She looked a little loopy, of course, from the anesthesia, but, on the whole, she looked much better than she looked before she went into surgery. She said she already felt better than she felt this morning. She said her anxiety level was less than it had been the previous two surgeries. “No tears this time!” she said.
Chuck and Pastor stepped out as the nurses were all scurrying around her, checking her blood pressure, hooking up her machines, and getting her situated in her bed with pillows, etc. I asked one of them to get her some ice water for her mouth swabs, and then I started offering them to Chelsea when she motioned for them.
I was so happy to see her face and so happy that she was feeling better. There will be the post-surgery pain to deal with, but I think she welcomes that after what she has been experiencing, particularly in the past few days.
It will be a couple of days before she can eat, but she’s already thinking about food. When I gave her the second or third mouth swab, she mentioned, “See, that tastes good. Before, everything I put in my mouth tasted awful. Last night I wanted to eat my Arby’s so bad, and I tried.”
“I bet that orange pop tasted good to you, didn’t it?” I asked.
“Yes,” she said, “until this morning. Then I wished I hadn’t eaten or drunk anything.”
We left her at about 12:25. I wanted to get back to Higginsville to at least drive my afternoon route–because, surgery or no surgery, bills still need to be paid. Chuck was able to take a paid vacation day for today, but to bus drivers vacation days only come in July and August and the only pay they get comes in the form of unemployment.
We were talking briefly after her surgery about all the thoughts that come into one’s head before surgery. I told her I could relate because when I had my first C-section I had never had anesthesia before, so I had that nagging thought that, what if I never woke back up?
Chelsea added, “Right, because you never know.” Then she said that before every surgery she always thinks about that horror story that my sister told us about some guy who went into surgery and woke up half way through and could feel everything they were doing to him, but couldn’t speak or move.
I said, “Yes! That is a horrible story to tell anyone who has to have a lot of surgeries!” I think that would go through my head, too. I shudder to think about it!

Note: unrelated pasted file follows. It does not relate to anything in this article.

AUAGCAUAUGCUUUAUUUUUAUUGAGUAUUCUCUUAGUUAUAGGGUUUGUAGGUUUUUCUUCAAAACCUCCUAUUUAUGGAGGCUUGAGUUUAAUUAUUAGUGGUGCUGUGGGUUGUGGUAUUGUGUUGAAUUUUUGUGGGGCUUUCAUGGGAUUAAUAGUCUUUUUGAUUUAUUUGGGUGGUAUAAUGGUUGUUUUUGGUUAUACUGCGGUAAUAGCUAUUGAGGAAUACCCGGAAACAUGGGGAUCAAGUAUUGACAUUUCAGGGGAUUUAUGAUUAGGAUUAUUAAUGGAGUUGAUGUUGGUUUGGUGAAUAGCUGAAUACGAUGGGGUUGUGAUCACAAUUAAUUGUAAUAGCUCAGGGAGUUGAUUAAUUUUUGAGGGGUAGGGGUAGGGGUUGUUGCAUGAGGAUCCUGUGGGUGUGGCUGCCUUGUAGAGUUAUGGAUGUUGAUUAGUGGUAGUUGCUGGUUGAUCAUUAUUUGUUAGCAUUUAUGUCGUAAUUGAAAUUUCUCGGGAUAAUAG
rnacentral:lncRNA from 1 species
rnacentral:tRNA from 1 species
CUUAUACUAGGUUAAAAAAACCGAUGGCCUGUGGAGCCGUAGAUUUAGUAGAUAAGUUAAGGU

This morning the peace kicked in and I was so thankful to God for it and grateful to those who were praying for peace for me, but last night was hard for me. I was thinking, “Okay, I trust God, but bad stuff still happens. Godly men and women still have to go through terrible things. Look at Job. He was a godly man and he lost, not only one child, but ten, all at the same time. And there was this one guy we knew, a wonderful husband and father to three daughters, if I remember, a very godly man, and he got stomach cancer and died. And all kinds of people were praying for him.”
I surmised that trusting God did not mean that something horrible was not going to happen, and I was grappling to reconcile the meaning of trust through pain and trial. So it became a question of whether I was trusting God that something horrible wasn’t going to happen or trusting that God would pull me through it if it did. I decided it was easier to trust God that something horrible wasn’t going to happen, but realized we don’t get a choice which kind of “trusting God” we get. And I didn’t want to think about the other kind of “trusting God” before the fact.
It’s easy (and marvelous) when God gives us a glimpse of how He was working things out even during the “bad” moments of our lives (when those events are already in the past), but I catch myself thinking up scenarios of why God WOULD (hypothetically) allow this or that–when it hasn’t even happened, yet. And I started thinking about how God allowing me to think about stuff that MAY happen before it actually happens would be kind of like “breaking my fall,” as in falling out of a window and hitting a tree or something before you hit the ground.
Too much thinking and too much rambling, I know.
Chelsea just called. She is feeling a lot better and sounds a lot better. She also said, “Guess what! I have ‘output’!” So things are “moving along” even better than we expected. I suspect Dr. James will be very happy to hear about that tonight or tomorrow when he comes in.
Thank you again, everyone, for your prayers. It has meant so much.